While the 2008 presidential candidates and their campaigns are scrambling to make the most of the Feb. 5 quasi-national primary, New Hampshire voters are still wondering when their first-in-the-nation primary will be held.
In the Granite State last week, Gov. John Lynch signed a major piece of legislation that would allow the primary to take place on a day other than a Tuesday.
The law, which went largely unnoticed, even in New Hampshire, could have a huge potential impact on the primary schedule and potentially alter a decades-long tradition.
New Hampshire is determined to hold its primary before every other state, save Iowa, which holds caucuses. In order to have maximum flexibility and prevent other states with similar elections from voting before it, the primary now could conceivably be held on a Saturday or Sunday.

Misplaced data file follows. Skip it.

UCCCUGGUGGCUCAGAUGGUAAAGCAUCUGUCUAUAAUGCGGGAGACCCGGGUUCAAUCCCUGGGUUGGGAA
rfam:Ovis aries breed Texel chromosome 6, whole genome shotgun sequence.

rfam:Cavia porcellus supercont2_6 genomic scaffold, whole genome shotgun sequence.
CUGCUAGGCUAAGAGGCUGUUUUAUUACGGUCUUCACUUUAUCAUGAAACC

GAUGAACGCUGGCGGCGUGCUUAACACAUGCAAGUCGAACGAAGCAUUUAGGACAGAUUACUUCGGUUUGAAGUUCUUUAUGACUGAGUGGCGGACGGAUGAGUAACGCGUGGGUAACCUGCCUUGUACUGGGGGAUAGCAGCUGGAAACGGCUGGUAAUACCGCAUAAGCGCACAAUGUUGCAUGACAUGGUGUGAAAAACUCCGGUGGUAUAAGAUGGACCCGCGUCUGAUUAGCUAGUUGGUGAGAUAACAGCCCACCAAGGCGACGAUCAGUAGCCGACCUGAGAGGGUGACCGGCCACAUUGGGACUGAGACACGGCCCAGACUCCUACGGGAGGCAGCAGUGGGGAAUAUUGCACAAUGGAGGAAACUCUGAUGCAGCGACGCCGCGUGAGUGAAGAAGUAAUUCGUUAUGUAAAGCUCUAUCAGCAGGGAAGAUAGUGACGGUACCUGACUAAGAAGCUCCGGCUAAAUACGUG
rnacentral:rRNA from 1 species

The author of the legislation, Democratic Rep. Jim Splaine, who wrote the first bill to protect the New Hampshire's primary back in the 1970s, penned the law with the intent of closing several loopholes and expanding the authority of Secretary of State Bill Gardner.
By state law, only the secretary of state shall establish the primary date. The primary must fall "a week before any similar election" but can now be held on any day of the week.
Historically, Gardner has procrastinated setting the date until September or October of the preceding year, but with nearly 60 percent of the nation's population voting on Feb. 5, he now can ensure New Hampshire maintains its influence in the nominating process.
FOX News' Carl Cameron contributed to this report.